New Libya government creates 'Presidential Guard' - Times LIVE
   
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Tue Mar 28 00:16:48 SAST 2017

New Libya government creates 'Presidential Guard'

AFP | 2016-05-10 15:40:12.0
Libyan prime minister-designate under a proposed National Unity government Fayez Serraj delivers speech during joint news conference with Tunisian PM Habib Essid in Tripoli.
Image by: ISMAIL ZITOUNY / REUTERS

Libya's government of national unity on Tuesday announced the creation of a new military force to protect government buildings, border posts, vital installations and VIPs, a statement said.

It was the first move by the UN-backed Government of National Accord (GNA) to reorganise armed forces in the North African country that has been mired in chaos since the 2011 uprising that toppled Moamer Kadhafi.

The GNA announced on its Facebook page that the "Presidential Guard" will be Tripoli-based but will include members of the police and army "selected in different regions" of Libya.

It will ensure security at "presidential complexes... and public buildings", as well as providing close protection for members of the government and "notable guests" of the country.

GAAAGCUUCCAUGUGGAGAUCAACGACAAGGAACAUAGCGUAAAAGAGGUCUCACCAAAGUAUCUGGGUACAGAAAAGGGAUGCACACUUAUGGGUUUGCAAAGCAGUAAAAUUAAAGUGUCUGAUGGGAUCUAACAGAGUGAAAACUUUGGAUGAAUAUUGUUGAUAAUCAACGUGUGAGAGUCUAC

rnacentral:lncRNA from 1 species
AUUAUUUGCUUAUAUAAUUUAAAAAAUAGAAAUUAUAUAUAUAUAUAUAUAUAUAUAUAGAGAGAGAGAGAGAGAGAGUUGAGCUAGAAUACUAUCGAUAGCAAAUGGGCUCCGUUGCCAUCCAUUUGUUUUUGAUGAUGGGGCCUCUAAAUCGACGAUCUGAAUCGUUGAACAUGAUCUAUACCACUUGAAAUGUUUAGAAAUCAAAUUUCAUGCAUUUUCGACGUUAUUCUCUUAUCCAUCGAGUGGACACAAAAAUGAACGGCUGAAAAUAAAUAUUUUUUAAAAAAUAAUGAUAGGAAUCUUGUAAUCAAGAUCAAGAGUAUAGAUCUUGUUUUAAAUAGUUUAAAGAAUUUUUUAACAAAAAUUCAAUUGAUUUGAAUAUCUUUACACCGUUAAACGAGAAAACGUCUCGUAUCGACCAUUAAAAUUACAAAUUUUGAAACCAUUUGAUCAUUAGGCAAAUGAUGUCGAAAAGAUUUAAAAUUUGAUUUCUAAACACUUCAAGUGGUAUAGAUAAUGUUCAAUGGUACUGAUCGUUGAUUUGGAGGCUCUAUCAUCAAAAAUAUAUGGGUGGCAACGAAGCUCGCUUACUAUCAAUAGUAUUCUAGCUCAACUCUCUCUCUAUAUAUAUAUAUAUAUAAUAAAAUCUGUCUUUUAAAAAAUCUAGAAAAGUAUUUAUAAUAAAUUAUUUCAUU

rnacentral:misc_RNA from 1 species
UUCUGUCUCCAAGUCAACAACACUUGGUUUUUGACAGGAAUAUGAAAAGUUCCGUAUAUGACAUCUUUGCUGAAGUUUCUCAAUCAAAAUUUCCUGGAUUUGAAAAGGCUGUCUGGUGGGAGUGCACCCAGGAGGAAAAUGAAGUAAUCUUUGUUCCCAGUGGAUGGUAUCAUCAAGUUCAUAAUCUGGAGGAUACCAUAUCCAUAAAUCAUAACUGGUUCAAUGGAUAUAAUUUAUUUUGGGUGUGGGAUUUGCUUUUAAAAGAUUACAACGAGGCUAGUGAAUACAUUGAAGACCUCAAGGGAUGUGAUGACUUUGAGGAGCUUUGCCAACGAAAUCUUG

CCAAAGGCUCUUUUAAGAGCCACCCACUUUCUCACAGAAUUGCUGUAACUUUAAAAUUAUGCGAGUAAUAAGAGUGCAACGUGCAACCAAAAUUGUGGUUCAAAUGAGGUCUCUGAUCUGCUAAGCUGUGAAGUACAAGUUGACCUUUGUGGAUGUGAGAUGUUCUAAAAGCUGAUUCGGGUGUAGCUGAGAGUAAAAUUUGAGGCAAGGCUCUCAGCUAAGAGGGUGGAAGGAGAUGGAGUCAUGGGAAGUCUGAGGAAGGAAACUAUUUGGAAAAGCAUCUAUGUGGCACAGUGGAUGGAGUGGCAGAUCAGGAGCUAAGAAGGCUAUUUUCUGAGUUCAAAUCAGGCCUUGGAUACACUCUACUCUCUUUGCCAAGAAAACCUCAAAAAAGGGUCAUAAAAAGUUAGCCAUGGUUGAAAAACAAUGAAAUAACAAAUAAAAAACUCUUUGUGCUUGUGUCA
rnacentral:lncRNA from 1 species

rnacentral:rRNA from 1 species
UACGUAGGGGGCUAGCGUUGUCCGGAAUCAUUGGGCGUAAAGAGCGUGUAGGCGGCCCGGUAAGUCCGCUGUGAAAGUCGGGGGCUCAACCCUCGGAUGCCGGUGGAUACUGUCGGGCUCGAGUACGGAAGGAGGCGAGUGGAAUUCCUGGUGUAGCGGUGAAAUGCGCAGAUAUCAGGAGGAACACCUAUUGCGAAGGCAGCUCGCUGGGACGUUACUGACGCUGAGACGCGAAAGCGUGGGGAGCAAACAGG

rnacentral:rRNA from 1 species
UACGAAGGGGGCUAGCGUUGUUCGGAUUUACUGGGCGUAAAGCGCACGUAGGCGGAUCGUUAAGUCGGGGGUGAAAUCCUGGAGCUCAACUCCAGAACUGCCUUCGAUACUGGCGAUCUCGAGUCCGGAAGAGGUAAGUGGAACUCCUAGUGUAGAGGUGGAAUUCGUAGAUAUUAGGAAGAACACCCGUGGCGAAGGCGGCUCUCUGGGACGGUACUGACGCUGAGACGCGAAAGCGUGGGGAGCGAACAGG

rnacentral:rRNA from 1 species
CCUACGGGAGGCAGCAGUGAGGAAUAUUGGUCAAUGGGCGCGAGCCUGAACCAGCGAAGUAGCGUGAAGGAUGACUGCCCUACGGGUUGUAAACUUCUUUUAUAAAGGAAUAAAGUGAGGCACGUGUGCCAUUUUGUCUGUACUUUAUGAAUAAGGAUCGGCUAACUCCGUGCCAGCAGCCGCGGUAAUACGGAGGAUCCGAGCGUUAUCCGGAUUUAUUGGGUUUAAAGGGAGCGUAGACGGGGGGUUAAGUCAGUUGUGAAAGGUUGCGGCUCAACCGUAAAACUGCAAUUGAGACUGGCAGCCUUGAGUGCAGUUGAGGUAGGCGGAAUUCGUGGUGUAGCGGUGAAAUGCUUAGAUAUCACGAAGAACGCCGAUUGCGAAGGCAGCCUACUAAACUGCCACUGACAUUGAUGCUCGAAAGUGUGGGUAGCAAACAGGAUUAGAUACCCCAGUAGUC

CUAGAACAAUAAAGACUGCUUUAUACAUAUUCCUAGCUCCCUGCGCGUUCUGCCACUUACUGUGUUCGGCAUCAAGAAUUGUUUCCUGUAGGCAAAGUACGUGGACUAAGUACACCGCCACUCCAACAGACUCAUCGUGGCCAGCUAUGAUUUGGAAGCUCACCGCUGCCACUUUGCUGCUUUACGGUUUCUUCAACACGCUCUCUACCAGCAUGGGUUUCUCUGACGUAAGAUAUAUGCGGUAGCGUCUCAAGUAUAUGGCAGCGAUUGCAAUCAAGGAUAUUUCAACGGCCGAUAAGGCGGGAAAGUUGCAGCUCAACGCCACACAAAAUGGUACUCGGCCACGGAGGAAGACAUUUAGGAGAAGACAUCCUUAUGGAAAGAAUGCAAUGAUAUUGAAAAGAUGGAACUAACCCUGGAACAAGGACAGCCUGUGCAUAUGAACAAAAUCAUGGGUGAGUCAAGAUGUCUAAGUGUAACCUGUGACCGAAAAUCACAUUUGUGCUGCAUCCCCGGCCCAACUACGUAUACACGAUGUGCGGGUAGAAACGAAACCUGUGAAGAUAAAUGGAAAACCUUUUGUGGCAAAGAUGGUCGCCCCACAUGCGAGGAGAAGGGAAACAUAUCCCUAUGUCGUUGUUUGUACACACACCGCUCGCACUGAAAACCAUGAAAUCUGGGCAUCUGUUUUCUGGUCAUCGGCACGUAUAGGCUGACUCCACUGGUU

Manpower figures were not given, but the new force's tasks will include protecting "sensitive sites including maritime, air and land borders, the sources and supply of water and electricity power plants".

After Kadhafi was overthrown and killed nearly five years ago, dozens of heavily armed militias in the capital and in cities across western Libya held onto weaponry they had used to battle the dictator's forces.

In the east, controversial General Khalifa Haftar, self-proclaimed commander-in-chief, controls the "Libyan Arab armed forces" who include former regular soldiers and disparate armed factions.

The presidential council has no authority over Haftar's forces who remain loyal to a parallel government backed by the internationally recognised parliament now based in the east.

Formed under a UN-backed power-sharing deal agreed by some Libyan lawmakers in December, the GNA has been working to assert its authority but has yet to receive the official endorsement of the recognised parliament.

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